May Consumer Prices and Real Earnings

KEY DATA: CPI: 0.1%; Over-Year: 1.8%; Ex-Food and Energy: 0.1%; Over-Year: 2%/ Real Earnings: 0.2%; Over-Year: 1.3%

IN A NUTSHELL:  “Tame inflation is allowing consumer spending power to hold up as earnings growth is slowing.”

WHAT IT MEANS:  Is the Fed worried about inflation? Yes.  But it is probably because it is too low!  The Consumer Price Index barely budged in May and even the modest rise was misleading.  Hardly any components posted significant gains while there were quite a few that had negative numbers.  Energy costs dropped but food prices rebounded.  Essentially a wash there.  Used vehicle and medical goods prices declined but medical services were up.  The rest largely wandered around.  Basically, there is little pressure on consumer costs that you can find in this report.

And it is really good that inflation remains tame, as worker earnings are also going nowhere.  Yes, hourly earnings rose at a moderate pace, but the gain over the year has stopped rising.  But of real concern is that hours worked is dropping.  When you add hours worked to earnings and adjust for inflation, that measure of weekly earnings is running at only about 1%.  As I keep saying, it is hard to generate strong consumption spending if workers spending power is modest, at best.  And right now, it is extremely modest even given the lack of inflation.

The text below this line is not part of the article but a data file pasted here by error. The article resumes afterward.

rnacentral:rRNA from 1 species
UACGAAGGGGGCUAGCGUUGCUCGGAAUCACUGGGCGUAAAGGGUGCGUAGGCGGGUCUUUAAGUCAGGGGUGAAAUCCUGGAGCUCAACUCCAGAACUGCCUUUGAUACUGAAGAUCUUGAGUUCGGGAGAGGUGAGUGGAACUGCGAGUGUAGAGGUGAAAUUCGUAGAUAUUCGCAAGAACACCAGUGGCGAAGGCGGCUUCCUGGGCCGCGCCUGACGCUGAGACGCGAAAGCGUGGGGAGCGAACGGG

MARKETS AND FED POLICY IMPLICATIONS:  The Fed is facing a lot of problems and a key one is that inflation is below target. It is the low inflation that is keeping consumer real income growth from totally falling apart.  So, if the Fed tries to get inflation up by cutting rates, it could wind up causing consumption to falter.  That could offset the gains from any stronger growth from interest sensitive sectors.  If Chair Powell really is signaling that he is going to cut rates, something I think is way too early to even consider, then he better hope that stronger growth does not cause inflation to accelerate.  Luckily, even with the unemployment rate below where most Fed members and economists think is full employment, wage gains are not increasing.  Firms seem to be willing to leave job openings high rather than pay up to get the workers.  Maybe that means a rate cut could encourage more growth without greater inflation.  However, to get that, you have to maintain the exceptionally strong productivity growth we have seen recently.  Otherwise, you don’t get more output, just lower rates.  On the other hand, the last thing the Fed wants to do is raise rates, which could slow growth, slow inflation, slow income gains further and cause investors to throw another tantrum. The Fed is stuck at the current rate and all this talk about a rate cut makes no sense unless the Fed actually sees the economic fundamentals clearly weakening.  That could take quite a while to become clear.  To paraphrase Laurel and Hardy, “Well, Jay, here’s another nice mess you have gotten us into”.